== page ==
Share Email Print

Proceedings Paper

Complication rates associated with the introduction of new technology into the clinical health care setting correlate with operator experience and training
Author(s): William A. See; Christopher S. Cooper; Ronald J. Fisher
Format Member Price Non-Member Price
PDF $17.00 $21.00

Paper Abstract

At three months and at one year following completion of a formal training course in laparoscopic urologic surgery, course participants were surveyed as to their interim laparoscopic experience. Data regarding practice setting, subspecialization, course attendance (alone or with a partner), nature and training of surgical assistant, and additional training subsequent to the course was collected. These variables were then correlated with information on the number and nature of surgical complications encountered subsequent to the course. In the three months following course completion, surgeons who performed clinical procedures without additional training were 3.39 times more likely to have at least one complication compared to surgeons who sought additional training (p = 0.030). One year following course completion surgeons who had attended the training course alone, were in solo practice, or performed laparoscopic surgery with a variable assistant, were, respectively, 4.85, 7.74, and 4.80 times more likely to have had a complication than their counterparts who attend the course with a partner, were in group practice, or who operated with the same assistant (p = 0.004, p = 0.001, and p = 0.002). At both three months and one year following training, laparoscopic complication rates of individual surgeons (number of complications/number of cases) demonstrated a highly significant inverse correlation with the number of laparoscopic procedures performed. These data suggest that the rate of complications associated with the clinical “learning” curve can be decreased by additional education following an initial course in laparoscopy. An ongoing clinical association with surgeons performing similar procedures appears to decrease long-term complication rates. Findings from this study argue for the regulation of the clinical application of new surgical skills acquired in the post-residency setting, and maintenance of the new skills through continuing medical education.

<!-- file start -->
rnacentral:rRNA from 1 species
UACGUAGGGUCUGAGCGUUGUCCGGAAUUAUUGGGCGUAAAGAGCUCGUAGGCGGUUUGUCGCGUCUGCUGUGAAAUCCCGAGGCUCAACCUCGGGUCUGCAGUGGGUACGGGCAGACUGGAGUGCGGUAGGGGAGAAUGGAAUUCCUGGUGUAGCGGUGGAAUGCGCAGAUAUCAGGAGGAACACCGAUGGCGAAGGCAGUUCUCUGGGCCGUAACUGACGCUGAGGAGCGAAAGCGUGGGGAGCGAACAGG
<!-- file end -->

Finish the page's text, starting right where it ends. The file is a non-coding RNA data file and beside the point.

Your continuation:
Paper Details

Date Published: 6 December 1994
PDF: 6 pages
Proc. SPIE 2307, Health Care Technology Policy I: The Role of Technology in the Cost of Health Care, (6 December 1994); doi: 10.1117/12.195466
Show Author Affiliations
William A. See, Univ. of Iowa Hospitals and Clinics (United States)
Christopher S. Cooper, Univ. of Iowa Hospitals and Clinics (United States)
Ronald J. Fisher, Univ. of Iowa Hospitals and Clinics (United States)

Published in SPIE Proceedings Vol. 2307:
Health Care Technology Policy I: The Role of Technology in the Cost of Health Care
Warren S. Grundfest M.D., Editor(s)

© SPIE. Terms of Use
Back to Top
Sign in to read the full article
Create a free SPIE account to get access to
premium articles and original research
Forgot your username?